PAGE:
Meek and mild mannered bookkeeper Henry Limpet has few passions in life. It's mid-1941 and he would love to join the Navy but has been rated 4F. His friend George Stickle is in the Navy and lays it on pretty thick. If Henry could have one thing it would be to become a fish. While on a visit to Coney Island, Henry falls into the water and miraculously gets his wish. Now a fish, he makes friends, Ladyfish and Crabby the hermit crab and loves his new life. He also uses his abilities to help the US Navy locate and sink Nazi U-Boats, forcing the Germans to create a new weapon to deal with the Allies secret weapon. When years later the Navy finds intelligent activity among dolphins, they may also know who is teaching them. Written by
will leave you limp with laughter!
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Did You Know?
Prior to the film's release, Warner Bros. distributed a promotional short subject to theaters documenting a press junket to Weeki Wachee Springs, Florida where reporters watched a preview of the movie erroneously hailed as "the world's first underwater movie premiere." (The audience sat in a submerged auditorium and watched movie through a glass wall as it was projected on an underwater lagoon screen.) Actually, the same sort of stunt had been staged at least once before, when reporters donned swimming suits and oxygen tanks to view the 1955 Jane Russell movie Underwater! (produced by Howard Hughes) in another Florida lagoon. See more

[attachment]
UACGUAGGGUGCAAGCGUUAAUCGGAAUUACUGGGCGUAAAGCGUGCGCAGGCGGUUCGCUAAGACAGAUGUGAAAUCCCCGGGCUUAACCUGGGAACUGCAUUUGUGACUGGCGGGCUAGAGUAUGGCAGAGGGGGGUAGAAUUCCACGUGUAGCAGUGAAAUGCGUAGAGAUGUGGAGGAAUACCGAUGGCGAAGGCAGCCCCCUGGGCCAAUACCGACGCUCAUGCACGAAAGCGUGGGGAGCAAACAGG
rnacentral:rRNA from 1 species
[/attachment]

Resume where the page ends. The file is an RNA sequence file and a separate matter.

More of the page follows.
When Henry is dreaming about his military parade a flying wing is shown and is jet propelled. There were no jet propelled flying wings during WWII for the Americans. See more
Say listen, I have an idea. Why don't we all go over to the university tomorrow for Professor Hoffmeyer's lecture!
Yeah, on decapods of the genera padurus! You know George he's eh, he's gonna talk about the eh, mating habits of the shellfish, eh heh heh. It's a little risque, sorta for adults only.
Uh, I'll just pass on that action Henry, I got a weak heart.
Film ends with: THE END ? See more
Hail To Henry Limpet
Music by Sammy Fain
Lyrics by Harold Adamson See more